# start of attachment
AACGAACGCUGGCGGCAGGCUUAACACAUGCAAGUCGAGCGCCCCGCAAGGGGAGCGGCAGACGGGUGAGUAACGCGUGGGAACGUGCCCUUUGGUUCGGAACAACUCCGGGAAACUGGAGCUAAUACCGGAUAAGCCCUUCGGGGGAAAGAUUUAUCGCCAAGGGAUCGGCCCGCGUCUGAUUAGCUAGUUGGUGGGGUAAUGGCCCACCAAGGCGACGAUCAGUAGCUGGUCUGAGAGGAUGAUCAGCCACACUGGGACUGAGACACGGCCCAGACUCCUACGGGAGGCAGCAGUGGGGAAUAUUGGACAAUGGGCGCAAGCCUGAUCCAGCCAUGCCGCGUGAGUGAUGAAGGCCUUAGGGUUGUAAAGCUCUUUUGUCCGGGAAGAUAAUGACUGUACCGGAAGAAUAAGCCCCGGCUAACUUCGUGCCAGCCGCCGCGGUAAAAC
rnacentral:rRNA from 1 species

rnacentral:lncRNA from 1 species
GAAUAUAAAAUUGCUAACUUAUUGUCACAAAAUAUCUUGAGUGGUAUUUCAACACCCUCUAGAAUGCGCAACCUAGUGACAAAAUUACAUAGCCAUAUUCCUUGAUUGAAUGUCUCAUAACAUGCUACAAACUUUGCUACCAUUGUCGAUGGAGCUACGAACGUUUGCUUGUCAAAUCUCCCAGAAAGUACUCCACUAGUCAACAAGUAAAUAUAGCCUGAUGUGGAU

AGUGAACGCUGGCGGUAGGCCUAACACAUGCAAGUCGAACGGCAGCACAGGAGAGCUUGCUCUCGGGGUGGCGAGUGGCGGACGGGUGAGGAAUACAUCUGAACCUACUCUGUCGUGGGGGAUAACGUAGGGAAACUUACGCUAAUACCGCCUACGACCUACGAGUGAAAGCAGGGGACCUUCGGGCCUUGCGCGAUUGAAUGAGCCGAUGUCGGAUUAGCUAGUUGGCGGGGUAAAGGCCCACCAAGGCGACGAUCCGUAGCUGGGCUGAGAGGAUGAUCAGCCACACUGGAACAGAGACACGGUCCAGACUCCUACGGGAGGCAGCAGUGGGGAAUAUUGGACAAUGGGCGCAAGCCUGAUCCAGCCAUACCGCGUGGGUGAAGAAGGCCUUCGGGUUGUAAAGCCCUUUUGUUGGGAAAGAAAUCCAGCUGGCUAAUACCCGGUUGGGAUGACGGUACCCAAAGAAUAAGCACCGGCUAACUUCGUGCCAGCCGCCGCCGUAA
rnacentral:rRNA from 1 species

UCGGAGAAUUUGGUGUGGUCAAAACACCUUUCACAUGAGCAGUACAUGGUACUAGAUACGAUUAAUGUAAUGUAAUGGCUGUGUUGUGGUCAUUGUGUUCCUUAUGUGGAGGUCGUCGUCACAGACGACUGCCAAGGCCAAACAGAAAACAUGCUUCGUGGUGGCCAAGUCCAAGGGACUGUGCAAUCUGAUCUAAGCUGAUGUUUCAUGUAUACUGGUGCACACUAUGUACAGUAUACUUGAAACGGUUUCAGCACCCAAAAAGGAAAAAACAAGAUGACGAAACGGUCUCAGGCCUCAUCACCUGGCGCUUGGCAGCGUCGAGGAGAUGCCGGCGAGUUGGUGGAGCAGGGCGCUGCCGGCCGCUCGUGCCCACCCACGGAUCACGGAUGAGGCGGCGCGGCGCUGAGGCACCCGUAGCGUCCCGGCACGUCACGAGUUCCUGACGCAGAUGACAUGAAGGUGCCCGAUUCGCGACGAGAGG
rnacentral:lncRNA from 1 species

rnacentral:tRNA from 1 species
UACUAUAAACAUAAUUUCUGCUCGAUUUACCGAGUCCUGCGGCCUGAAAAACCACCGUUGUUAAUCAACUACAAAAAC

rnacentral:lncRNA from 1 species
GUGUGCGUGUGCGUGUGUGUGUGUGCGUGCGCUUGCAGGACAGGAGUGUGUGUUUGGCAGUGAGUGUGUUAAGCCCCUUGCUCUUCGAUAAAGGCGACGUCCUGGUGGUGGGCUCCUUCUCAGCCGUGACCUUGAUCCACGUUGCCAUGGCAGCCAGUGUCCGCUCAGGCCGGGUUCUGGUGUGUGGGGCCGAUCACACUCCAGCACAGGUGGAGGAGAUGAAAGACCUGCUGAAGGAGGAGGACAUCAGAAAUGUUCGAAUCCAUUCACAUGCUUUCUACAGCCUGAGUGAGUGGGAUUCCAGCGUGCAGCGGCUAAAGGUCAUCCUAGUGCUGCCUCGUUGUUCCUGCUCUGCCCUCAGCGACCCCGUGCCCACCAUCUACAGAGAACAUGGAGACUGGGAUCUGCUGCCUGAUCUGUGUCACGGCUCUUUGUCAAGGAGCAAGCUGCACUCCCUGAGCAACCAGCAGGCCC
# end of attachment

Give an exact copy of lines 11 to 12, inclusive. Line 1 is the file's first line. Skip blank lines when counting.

rnacentral:lncRNA from 1 species
GUGUGCGUGUGCGUGUGUGUGUGUGCGUGCGCUUGCAGGACAGGAGUGUGUGUUUGGCAGUGAGUGUGUUAAGCCCCUUGCUCUUCGAUAAAGGCGACGUCCUGGUGGUGGGCUCCUUCUCAGCCGUGACCUUGAUCCACGUUGCCAUGGCAGCCAGUGUCCGCUCAGGCCGGGUUCUGGUGUGUGGGGCCGAUCACACUCCAGCACAGGUGGAGGAGAUGAAAGACCUGCUGAAGGAGGAGGACAUCAGAAAUGUUCGAAUCCAUUCACAUGCUUUCUACAGCCUGAGUGAGUGGGAUUCCAGCGUGCAGCGGCUAAAGGUCAUCCUAGUGCUGCCUCGUUGUUCCUGCUCUGCCCUCAGCGACCCCGUGCCCACCAUCUACAGAGAACAUGGAGACUGGGAUCUGCUGCCUGAUCUGUGUCACGGCUCUUUGUCAAGGAGCAAGCUGCACUCCCUGAGCAACCAGCAGGCCC